Belinda, while I understand your position but the lack of a clear definition makes it difficult to convict. What one considers inappropriate behavior another sees as being inconsiderate, another ignorant and others no big deal. Is forcing a female on a male for a scrotal ultra sound one of the above. There was a post about one of Colts QB Andrew Lucks sending a tweet without realizing Luck was naked in the background, if you google it you will notice a woman looking on in the foreground. I find that inappropriate that she would be in the locker room while he is dressing, some think it is no big deal, others argue she has the right to be there. So for this argument without common points of reference it is hard to have an intelligent conversation. We are the 3 blind men describing an elephant. ...don

At Thursday, January 09, 2014 8:29:00 PM, Blogger Maurice Bernstein, M.D. said...

Don, with respect to what you wrote above, you may be interested in going to the link I also provided above to see examples of those rare but present "rotten apples" to which I am referring. ..Maurice.

At Friday, January 10, 2014 11:37:00 AM, Anonymous Anonymous said...

There are two different approaches to gaining reward from damages. one is criminal and one is civil. At the crux of the issue is what kind of damages occurred to the patient to warrant a lawsuit and depending on the actions of the defendant would determine whether criminal or civil action might be the proper way to file.

The idea is harm to the patient. Sexual impropriety could be very difficult to win in a criminal case but much easier in a civil case and mediation is not out of the question either.

A lawsuit whether criminal or civil damages the reputation of the defendant and the hospital whether they win or lose so many times a settlement is reached with a gag order.

At Friday, January 10, 2014 5:26:00 PM, Anonymous Anonymous said...

I had several incidents which lead me to stumble upon this site. I was extremely disturbed me and possibly given the length of my involvement with this thread traumatized me though I try to avoid that admission. None of which I personally would characterize as sexually inappropriate. They were wrong for me at such a deep level that they left an indulable mark on me, and will trouble me possibly to the end of my days. But i do not think they were do not think they were sexually inappropriate, abusive, or assault. I do not think there was any malice at all involved in any of them. I do think they were the result of a self serving agenda by the medical profession, one that attempts to delude their patients and themselves into believing what they are doing is natural, normal, and should be acceptable by all involved. This blog has given me cause to think back on this and consider what I my role in this, and what can I do different to prevent from subjecting myself to this and promoting the appearance to providers that this is acceptable, that I am buying this. I have spent a fair share of time examining the role providers play in this. I need to spend some time on my contribution and what I can do differently. Doesn't mean I am letting providers off the hook, I still follow the mantra "to whom much is entrusted, much is expected"....but ultimately it falls on each of us to force the change. I will review the link Dr. Bernstein.......don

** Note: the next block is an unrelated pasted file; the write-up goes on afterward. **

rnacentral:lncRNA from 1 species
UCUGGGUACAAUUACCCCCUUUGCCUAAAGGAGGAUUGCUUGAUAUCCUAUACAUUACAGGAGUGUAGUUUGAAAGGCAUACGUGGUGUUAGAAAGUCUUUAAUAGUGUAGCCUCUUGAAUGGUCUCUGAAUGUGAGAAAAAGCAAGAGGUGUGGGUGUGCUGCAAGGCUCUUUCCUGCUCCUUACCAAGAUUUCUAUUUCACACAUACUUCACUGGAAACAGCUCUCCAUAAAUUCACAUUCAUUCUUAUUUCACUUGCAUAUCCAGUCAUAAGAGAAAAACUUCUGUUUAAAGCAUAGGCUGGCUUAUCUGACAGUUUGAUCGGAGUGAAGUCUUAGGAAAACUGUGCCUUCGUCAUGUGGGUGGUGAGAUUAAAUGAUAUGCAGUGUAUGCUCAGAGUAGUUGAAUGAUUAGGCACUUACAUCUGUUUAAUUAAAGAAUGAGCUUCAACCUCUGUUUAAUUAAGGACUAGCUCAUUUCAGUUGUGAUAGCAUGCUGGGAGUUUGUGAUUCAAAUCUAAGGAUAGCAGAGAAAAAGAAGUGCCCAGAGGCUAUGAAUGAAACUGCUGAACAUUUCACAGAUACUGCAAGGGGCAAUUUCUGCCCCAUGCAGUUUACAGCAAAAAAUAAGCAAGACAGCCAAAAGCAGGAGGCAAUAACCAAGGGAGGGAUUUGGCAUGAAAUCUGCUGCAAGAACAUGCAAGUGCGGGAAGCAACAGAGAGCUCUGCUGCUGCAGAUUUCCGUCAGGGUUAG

At Sunday, January 12, 2014 5:45:00 PM, Anonymous Medical Patient Modesty said...

I thought you all would be interested in reading this article from Outpatient Surgery Magazine: Medical Malpractice: How Specific Is Your Informed Consent Form?. I feel forms should be more specific about what body parts would be exposed for the surgery. I also think they should discuss any conscious sedatives they may consider giving you such as Versed so you can decline them. I think informed consent forms for surgery are too general and I believe this is the reason so many patients have modesty violations during surgery and pre-op.


At Sunday, January 12, 2014 6:45:00 PM, Anonymous Anonymous said...

I think if common definitions were set here as in your "rotten apples" blog would help, Some of the offenses were petty some were pretty serious. While there were no numerical data i would assume the % was extremely small.

I just started reading Man's Search For Meaning by Victor E Frankl. Frankl had a MD in Psych and was interned and survived Hitlers concentration camps. His writings are less about the experiences and more about the working of a mans mind in extreme situations. While there is no possible way to equate the horrors of a concentration camp to the issue at hand I could not help but to see some interesting insights. Frankl talks about how a group of prisoners become "Campos" or supervisors. He discusses how they go from being victims to overtime being abusers. I could not help but think how this might also apply as med students shed their intital concerns about patients comfort and embarassment and become just part of the machine. Like wise he talked of "the allusion of reprieve" where prisoners develop this mentality that they will somehow be spared the pain even death that will befall others. I wonder how many patients go into procedures deluding themselves that it won't happen to them, that will be spared. Some of the same mechanisms of self preservation could explain things on both sides. How does the med student move from being concerned about a patients feelings and modesty to claiming to not recognize it exists. Why does a patient enter into these situations and accept them. Again there is no way I am saying at any level there is a comparison between the concentration camps and the medical community. What i am saying is the actions on both side of the gown may not be as simple as they seem. The provider who claims they didn't realize may be denying what they really know to allow themselves to inflict discomfort on patients as the system tells them to. If they work for a institution that says don't ask, don't admit, in order to survive in that system they are going to have to partcipate and rather than deal with what they may know is wrong, they find away to change the reality of it all....don